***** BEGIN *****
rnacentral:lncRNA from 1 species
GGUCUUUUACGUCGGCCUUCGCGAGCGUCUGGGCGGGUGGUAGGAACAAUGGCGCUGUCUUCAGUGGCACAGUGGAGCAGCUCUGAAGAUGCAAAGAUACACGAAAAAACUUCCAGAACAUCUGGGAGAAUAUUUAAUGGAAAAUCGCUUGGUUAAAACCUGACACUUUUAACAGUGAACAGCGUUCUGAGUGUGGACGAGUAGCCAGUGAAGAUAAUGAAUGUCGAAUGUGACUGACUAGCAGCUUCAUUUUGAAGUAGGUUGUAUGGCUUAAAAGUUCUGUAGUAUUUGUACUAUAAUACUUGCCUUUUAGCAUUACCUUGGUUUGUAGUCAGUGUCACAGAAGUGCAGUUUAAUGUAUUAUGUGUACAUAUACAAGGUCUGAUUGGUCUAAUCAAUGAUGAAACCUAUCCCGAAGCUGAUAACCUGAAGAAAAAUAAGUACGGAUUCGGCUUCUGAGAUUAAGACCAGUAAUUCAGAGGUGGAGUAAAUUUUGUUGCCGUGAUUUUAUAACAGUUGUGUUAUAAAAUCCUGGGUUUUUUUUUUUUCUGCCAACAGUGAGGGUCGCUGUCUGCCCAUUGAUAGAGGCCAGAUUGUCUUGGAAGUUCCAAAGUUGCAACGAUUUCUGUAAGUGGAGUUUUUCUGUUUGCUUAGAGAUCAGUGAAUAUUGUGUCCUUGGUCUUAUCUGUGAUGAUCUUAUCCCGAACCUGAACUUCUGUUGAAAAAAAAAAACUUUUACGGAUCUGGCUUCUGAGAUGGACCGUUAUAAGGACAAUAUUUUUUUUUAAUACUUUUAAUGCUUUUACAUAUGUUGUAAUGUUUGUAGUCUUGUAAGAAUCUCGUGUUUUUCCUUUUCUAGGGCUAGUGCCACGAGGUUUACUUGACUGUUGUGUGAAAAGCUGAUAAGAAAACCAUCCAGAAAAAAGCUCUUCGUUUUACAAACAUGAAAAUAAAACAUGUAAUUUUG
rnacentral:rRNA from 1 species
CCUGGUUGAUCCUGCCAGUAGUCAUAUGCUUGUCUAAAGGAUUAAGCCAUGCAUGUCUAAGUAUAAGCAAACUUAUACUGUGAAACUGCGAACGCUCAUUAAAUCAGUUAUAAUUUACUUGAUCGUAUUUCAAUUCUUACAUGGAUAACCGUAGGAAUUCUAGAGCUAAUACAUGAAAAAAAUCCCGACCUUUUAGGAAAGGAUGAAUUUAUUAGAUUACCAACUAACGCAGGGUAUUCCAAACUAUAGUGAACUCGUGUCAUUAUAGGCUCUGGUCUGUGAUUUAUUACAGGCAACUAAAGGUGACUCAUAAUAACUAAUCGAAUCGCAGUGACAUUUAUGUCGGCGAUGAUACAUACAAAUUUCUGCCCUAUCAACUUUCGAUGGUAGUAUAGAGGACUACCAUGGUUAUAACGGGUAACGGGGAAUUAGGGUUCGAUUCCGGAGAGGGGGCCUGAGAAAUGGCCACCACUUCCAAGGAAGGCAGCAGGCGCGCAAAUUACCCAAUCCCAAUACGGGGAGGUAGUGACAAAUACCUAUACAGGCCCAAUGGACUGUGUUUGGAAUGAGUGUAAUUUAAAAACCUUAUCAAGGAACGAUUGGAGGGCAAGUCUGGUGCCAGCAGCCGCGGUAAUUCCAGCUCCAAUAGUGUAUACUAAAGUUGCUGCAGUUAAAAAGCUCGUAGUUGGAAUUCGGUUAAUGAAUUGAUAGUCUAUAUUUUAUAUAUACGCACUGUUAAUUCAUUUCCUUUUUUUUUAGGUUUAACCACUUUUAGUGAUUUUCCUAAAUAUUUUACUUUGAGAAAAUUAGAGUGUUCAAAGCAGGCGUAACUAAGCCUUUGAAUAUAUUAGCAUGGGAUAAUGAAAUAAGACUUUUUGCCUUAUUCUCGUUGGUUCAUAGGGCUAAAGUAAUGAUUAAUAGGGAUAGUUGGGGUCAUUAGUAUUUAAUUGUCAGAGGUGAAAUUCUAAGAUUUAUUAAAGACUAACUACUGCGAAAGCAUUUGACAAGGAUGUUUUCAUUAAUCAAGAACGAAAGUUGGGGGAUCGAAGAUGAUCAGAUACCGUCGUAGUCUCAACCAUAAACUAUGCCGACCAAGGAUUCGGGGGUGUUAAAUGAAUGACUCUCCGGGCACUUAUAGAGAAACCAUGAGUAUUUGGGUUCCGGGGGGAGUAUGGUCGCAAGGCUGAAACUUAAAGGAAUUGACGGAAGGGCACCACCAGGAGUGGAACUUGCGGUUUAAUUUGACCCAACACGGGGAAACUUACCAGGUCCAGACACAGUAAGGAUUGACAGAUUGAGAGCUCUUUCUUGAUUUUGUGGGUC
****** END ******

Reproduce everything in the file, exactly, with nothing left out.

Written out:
rnacentral:lncRNA from 1 species
GGUCUUUUACGUCGGCCUUCGCGAGCGUCUGGGCGGGUGGUAGGAACAAUGGCGCUGUCUUCAGUGGCACAGUGGAGCAGCUCUGAAGAUGCAAAGAUACACGAAAAAACUUCCAGAACAUCUGGGAGAAUAUUUAAUGGAAAAUCGCUUGGUUAAAACCUGACACUUUUAACAGUGAACAGCGUUCUGAGUGUGGACGAGUAGCCAGUGAAGAUAAUGAAUGUCGAAUGUGACUGACUAGCAGCUUCAUUUUGAAGUAGGUUGUAUGGCUUAAAAGUUCUGUAGUAUUUGUACUAUAAUACUUGCCUUUUAGCAUUACCUUGGUUUGUAGUCAGUGUCACAGAAGUGCAGUUUAAUGUAUUAUGUGUACAUAUACAAGGUCUGAUUGGUCUAAUCAAUGAUGAAACCUAUCCCGAAGCUGAUAACCUGAAGAAAAAUAAGUACGGAUUCGGCUUCUGAGAUUAAGACCAGUAAUUCAGAGGUGGAGUAAAUUUUGUUGCCGUGAUUUUAUAACAGUUGUGUUAUAAAAUCCUGGGUUUUUUUUUUUUCUGCCAACAGUGAGGGUCGCUGUCUGCCCAUUGAUAGAGGCCAGAUUGUCUUGGAAGUUCCAAAGUUGCAACGAUUUCUGUAAGUGGAGUUUUUCUGUUUGCUUAGAGAUCAGUGAAUAUUGUGUCCUUGGUCUUAUCUGUGAUGAUCUUAUCCCGAACCUGAACUUCUGUUGAAAAAAAAAAACUUUUACGGAUCUGGCUUCUGAGAUGGACCGUUAUAAGGACAAUAUUUUUUUUUAAUACUUUUAAUGCUUUUACAUAUGUUGUAAUGUUUGUAGUCUUGUAAGAAUCUCGUGUUUUUCCUUUUCUAGGGCUAGUGCCACGAGGUUUACUUGACUGUUGUGUGAAAAGCUGAUAAGAAAACCAUCCAGAAAAAAGCUCUUCGUUUUACAAACAUGAAAAUAAAACAUGUAAUUUUG
rnacentral:rRNA from 1 species
CCUGGUUGAUCCUGCCAGUAGUCAUAUGCUUGUCUAAAGGAUUAAGCCAUGCAUGUCUAAGUAUAAGCAAACUUAUACUGUGAAACUGCGAACGCUCAUUAAAUCAGUUAUAAUUUACUUGAUCGUAUUUCAAUUCUUACAUGGAUAACCGUAGGAAUUCUAGAGCUAAUACAUGAAAAAAAUCCCGACCUUUUAGGAAAGGAUGAAUUUAUUAGAUUACCAACUAACGCAGGGUAUUCCAAACUAUAGUGAACUCGUGUCAUUAUAGGCUCUGGUCUGUGAUUUAUUACAGGCAACUAAAGGUGACUCAUAAUAACUAAUCGAAUCGCAGUGACAUUUAUGUCGGCGAUGAUACAUACAAAUUUCUGCCCUAUCAACUUUCGAUGGUAGUAUAGAGGACUACCAUGGUUAUAACGGGUAACGGGGAAUUAGGGUUCGAUUCCGGAGAGGGGGCCUGAGAAAUGGCCACCACUUCCAAGGAAGGCAGCAGGCGCGCAAAUUACCCAAUCCCAAUACGGGGAGGUAGUGACAAAUACCUAUACAGGCCCAAUGGACUGUGUUUGGAAUGAGUGUAAUUUAAAAACCUUAUCAAGGAACGAUUGGAGGGCAAGUCUGGUGCCAGCAGCCGCGGUAAUUCCAGCUCCAAUAGUGUAUACUAAAGUUGCUGCAGUUAAAAAGCUCGUAGUUGGAAUUCGGUUAAUGAAUUGAUAGUCUAUAUUUUAUAUAUACGCACUGUUAAUUCAUUUCCUUUUUUUUUAGGUUUAACCACUUUUAGUGAUUUUCCUAAAUAUUUUACUUUGAGAAAAUUAGAGUGUUCAAAGCAGGCGUAACUAAGCCUUUGAAUAUAUUAGCAUGGGAUAAUGAAAUAAGACUUUUUGCCUUAUUCUCGUUGGUUCAUAGGGCUAAAGUAAUGAUUAAUAGGGAUAGUUGGGGUCAUUAGUAUUUAAUUGUCAGAGGUGAAAUUCUAAGAUUUAUUAAAGACUAACUACUGCGAAAGCAUUUGACAAGGAUGUUUUCAUUAAUCAAGAACGAAAGUUGGGGGAUCGAAGAUGAUCAGAUACCGUCGUAGUCUCAACCAUAAACUAUGCCGACCAAGGAUUCGGGGGUGUUAAAUGAAUGACUCUCCGGGCACUUAUAGAGAAACCAUGAGUAUUUGGGUUCCGGGGGGAGUAUGGUCGCAAGGCUGAAACUUAAAGGAAUUGACGGAAGGGCACCACCAGGAGUGGAACUUGCGGUUUAAUUUGACCCAACACGGGGAAACUUACCAGGUCCAGACACAGUAAGGAUUGACAGAUUGAGAGCUCUUUCUUGAUUUUGUGGGUC